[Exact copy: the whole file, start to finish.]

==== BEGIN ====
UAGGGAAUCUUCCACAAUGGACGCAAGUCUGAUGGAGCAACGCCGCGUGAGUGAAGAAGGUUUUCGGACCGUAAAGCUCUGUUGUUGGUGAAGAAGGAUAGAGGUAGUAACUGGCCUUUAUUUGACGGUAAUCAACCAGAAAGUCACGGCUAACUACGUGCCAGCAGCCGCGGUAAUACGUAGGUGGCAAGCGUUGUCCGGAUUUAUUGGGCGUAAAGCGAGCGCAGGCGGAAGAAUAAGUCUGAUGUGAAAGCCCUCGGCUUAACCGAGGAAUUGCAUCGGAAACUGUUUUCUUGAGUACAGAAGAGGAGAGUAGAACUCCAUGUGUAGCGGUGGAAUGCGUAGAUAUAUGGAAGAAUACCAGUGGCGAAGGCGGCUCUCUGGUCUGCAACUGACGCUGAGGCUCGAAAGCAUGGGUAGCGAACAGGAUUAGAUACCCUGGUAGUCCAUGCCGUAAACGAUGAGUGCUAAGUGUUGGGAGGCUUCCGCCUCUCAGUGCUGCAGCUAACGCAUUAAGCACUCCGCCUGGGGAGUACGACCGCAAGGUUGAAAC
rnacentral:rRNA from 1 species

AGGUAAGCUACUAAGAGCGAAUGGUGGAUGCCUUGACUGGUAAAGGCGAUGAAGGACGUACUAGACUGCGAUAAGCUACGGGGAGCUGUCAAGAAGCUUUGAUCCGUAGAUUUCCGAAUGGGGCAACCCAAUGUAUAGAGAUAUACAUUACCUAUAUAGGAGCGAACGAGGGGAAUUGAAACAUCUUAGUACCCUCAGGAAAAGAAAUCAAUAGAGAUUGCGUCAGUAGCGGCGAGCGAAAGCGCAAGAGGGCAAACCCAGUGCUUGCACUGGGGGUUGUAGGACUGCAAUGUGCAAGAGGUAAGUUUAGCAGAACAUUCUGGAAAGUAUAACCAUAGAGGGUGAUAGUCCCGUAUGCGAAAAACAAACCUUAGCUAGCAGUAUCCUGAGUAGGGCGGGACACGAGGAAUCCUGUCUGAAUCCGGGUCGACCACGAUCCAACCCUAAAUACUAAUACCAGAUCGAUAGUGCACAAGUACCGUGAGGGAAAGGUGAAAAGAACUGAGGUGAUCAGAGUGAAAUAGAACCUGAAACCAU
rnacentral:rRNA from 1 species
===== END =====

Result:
UAGGGAAUCUUCCACAAUGGACGCAAGUCUGAUGGAGCAACGCCGCGUGAGUGAAGAAGGUUUUCGGACCGUAAAGCUCUGUUGUUGGUGAAGAAGGAUAGAGGUAGUAACUGGCCUUUAUUUGACGGUAAUCAACCAGAAAGUCACGGCUAACUACGUGCCAGCAGCCGCGGUAAUACGUAGGUGGCAAGCGUUGUCCGGAUUUAUUGGGCGUAAAGCGAGCGCAGGCGGAAGAAUAAGUCUGAUGUGAAAGCCCUCGGCUUAACCGAGGAAUUGCAUCGGAAACUGUUUUCUUGAGUACAGAAGAGGAGAGUAGAACUCCAUGUGUAGCGGUGGAAUGCGUAGAUAUAUGGAAGAAUACCAGUGGCGAAGGCGGCUCUCUGGUCUGCAACUGACGCUGAGGCUCGAAAGCAUGGGUAGCGAACAGGAUUAGAUACCCUGGUAGUCCAUGCCGUAAACGAUGAGUGCUAAGUGUUGGGAGGCUUCCGCCUCUCAGUGCUGCAGCUAACGCAUUAAGCACUCCGCCUGGGGAGUACGACCGCAAGGUUGAAAC
rnacentral:rRNA from 1 species

AGGUAAGCUACUAAGAGCGAAUGGUGGAUGCCUUGACUGGUAAAGGCGAUGAAGGACGUACUAGACUGCGAUAAGCUACGGGGAGCUGUCAAGAAGCUUUGAUCCGUAGAUUUCCGAAUGGGGCAACCCAAUGUAUAGAGAUAUACAUUACCUAUAUAGGAGCGAACGAGGGGAAUUGAAACAUCUUAGUACCCUCAGGAAAAGAAAUCAAUAGAGAUUGCGUCAGUAGCGGCGAGCGAAAGCGCAAGAGGGCAAACCCAGUGCUUGCACUGGGGGUUGUAGGACUGCAAUGUGCAAGAGGUAAGUUUAGCAGAACAUUCUGGAAAGUAUAACCAUAGAGGGUGAUAGUCCCGUAUGCGAAAAACAAACCUUAGCUAGCAGUAUCCUGAGUAGGGCGGGACACGAGGAAUCCUGUCUGAAUCCGGGUCGACCACGAUCCAACCCUAAAUACUAAUACCAGAUCGAUAGUGCACAAGUACCGUGAGGGAAAGGUGAAAAGAACUGAGGUGAUCAGAGUGAAAUAGAACCUGAAACCAU
rnacentral:rRNA from 1 species